Changes needed at home to beat ISIS

Changes needed at home to beat ISIS
DISPLACED: A Kurdish refugee washing dishes at a refugee camp in the Turkish border town of Suruc on Feb 2. ISIS' violence has forced many ordinary Syrians to flee their homes. The writer asks: While we extend our sympathies in response to similar situations nearby, why do we treat refugees in our own land so badly?

A bright spark in Malaysia's Cabinet recently said that women joined the Islamic State in Iraq and Syria (ISIS) because they were lonely.

Actually, women usually join all sorts of nearby communities - like those of gyms, clubs, mosques and churches - if they are lonely.

It does not explain, however, why there are a lot more men joining ISIS than women. Could they be even lonelier?

The Malaysian Islamic Development Department (Jakim) has declared that it will go on an all-out war against ISIS' influence. This is a good thing and should be supported.

But for any outside observer, it is too easy to see how Jakim's good intentions will fail. The gap between such intentions and reality is simply too large.

Jakim may think that issuing a fatwa, or Islamic edict, against ISIS is the right move. In fact, it hardly makes a dent. For one thing, most people are not aware of any such fatwa.

Second, such a fatwa is going to be ignored by ISIS recruiters because they do not respect Jakim's authority anyway. And their own fatwas, or opinions, on why it is good to join ISIS are far more seductive to certain impressionable people, male or female.

Saying that it is un-Islamic to take up violence is certainly correct. Wanting to die a martyr's death, especially by suicide and killing others at the same time, is also forbidden in Islam.

But it is not enough to stop at defining a terrorist merely as one who takes up arms and violence. We need to look more holistically at the issue of ISIS and who it directs its terror at.

For a start, who is ISIS fighting and inflicting violence on? Thus far, it has terrorised just about anyone who disagrees with it, regardless of whether they are other Muslims - especially Shi'ites and other Sunnis - non-Muslim civilian populations such as the Yazidis and Christians, foreign humanitarian workers, journalists or just about anybody who refuses to pledge allegiance to its cause.

So, the first thing we have to teach young people is to learn to accept that people have different views and beliefs. How do we do this when every day, someone of a different opinion or faith is being persecuted just for disagreeing with the dominant faith or government or, for that matter, just being different?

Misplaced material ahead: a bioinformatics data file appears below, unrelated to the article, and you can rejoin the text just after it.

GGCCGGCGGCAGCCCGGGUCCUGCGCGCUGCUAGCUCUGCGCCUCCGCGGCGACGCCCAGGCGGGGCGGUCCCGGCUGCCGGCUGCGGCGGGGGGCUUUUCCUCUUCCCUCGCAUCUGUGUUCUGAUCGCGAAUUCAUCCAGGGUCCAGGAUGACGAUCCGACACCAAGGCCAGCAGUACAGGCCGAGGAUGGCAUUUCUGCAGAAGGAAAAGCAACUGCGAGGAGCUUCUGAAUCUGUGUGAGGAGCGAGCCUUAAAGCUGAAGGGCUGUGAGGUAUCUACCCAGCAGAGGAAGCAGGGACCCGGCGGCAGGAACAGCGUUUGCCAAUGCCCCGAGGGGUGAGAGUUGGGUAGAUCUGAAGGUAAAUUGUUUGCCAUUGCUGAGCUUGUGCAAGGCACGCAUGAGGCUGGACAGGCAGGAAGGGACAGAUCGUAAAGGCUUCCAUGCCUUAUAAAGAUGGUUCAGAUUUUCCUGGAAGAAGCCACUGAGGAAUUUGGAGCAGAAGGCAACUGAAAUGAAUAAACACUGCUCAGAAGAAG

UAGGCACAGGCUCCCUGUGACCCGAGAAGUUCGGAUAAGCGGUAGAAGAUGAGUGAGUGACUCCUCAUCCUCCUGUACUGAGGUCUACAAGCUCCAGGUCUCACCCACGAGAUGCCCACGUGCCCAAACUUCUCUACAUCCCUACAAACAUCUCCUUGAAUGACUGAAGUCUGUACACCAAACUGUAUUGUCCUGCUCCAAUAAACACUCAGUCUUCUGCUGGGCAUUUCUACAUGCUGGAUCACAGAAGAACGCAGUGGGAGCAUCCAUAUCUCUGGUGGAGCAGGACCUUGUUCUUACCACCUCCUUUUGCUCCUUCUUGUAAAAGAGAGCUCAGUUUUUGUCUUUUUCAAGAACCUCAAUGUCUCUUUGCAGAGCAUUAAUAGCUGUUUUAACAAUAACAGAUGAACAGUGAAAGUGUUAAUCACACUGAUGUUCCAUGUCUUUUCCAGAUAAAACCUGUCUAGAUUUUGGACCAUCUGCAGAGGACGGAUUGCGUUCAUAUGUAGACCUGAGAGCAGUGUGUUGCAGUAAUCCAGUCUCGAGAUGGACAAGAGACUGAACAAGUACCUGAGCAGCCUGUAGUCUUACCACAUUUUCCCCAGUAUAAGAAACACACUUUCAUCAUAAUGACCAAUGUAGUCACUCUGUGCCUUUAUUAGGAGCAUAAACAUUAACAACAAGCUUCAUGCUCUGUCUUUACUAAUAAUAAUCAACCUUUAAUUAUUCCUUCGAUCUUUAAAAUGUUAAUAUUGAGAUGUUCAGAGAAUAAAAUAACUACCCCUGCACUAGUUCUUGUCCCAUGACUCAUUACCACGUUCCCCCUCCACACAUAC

If at home, we do not have any tolerance for people who disagree with us, how do we explain how ISIS treats differences in beliefs and views so violently?

What is the difference between the way ISIS treats Shi'ites in Syria, for instance, and the way we do here, except for the degree of violence?

This violence has forced huge numbers of ordinary Syrians to flee their homes. More than three million have fled to neighbouring countries, increasing the burden on their already strained societies.

Another six million people are internally displaced, meaning that they are forced to leave their homes to look for shelter from ISIS within their own country. But as ISIS expands the territory under its rule, these people have to constantly move to look for safety.

Think of what this feels like, to be constantly afraid, to be unsure of how to feed your children, to have no access to healthcare, schools and jobs. ISIS has also done a good job of destroying infrastructure in Syria so that humanitarian aid cannot even reach these beleaguered civilians.

Why have we said nothing about these refugees? Why have we not extended help to them? And while we extend our sympathies in response to similar situations nearby, why do we treat refugees in our own land so badly?

Then there is the way ISIS treats women. There is a horrific Human Rights Watch report based on interviews with women and girls who have escaped ISIS, telling of the systematic abductions, rape, torture and murder of women in the ISIS-held territories.

Most of the women were Yazidi, a small community in Syria, but some were also Muslim. Some of the horror stories involved girls as young as 12, raped by gangs of ISIS fighters. Many were sold as slaves, with ISIS claiming it is Islamic to do this to prisoners of war.

To counter ISIS at home, we thus need to teach our young to respect women and girls. We should have zero tolerance for violence against women and girls, regardless of what they wear, say or do.

How do we do this when Jakim is silent, when women are threatened with rape for giving a different opinion on issues? Why are women constantly attacked just for speaking up?

This is why Jakim's "war" against ISIS will fail. As the Malay saying goes, "Cakap tak serupa bikin" or "Not walking the talk". But there is another word for this - hypocrisy.

The writer is a human rights activist who works on women's, children's and HIV/Aids issues.

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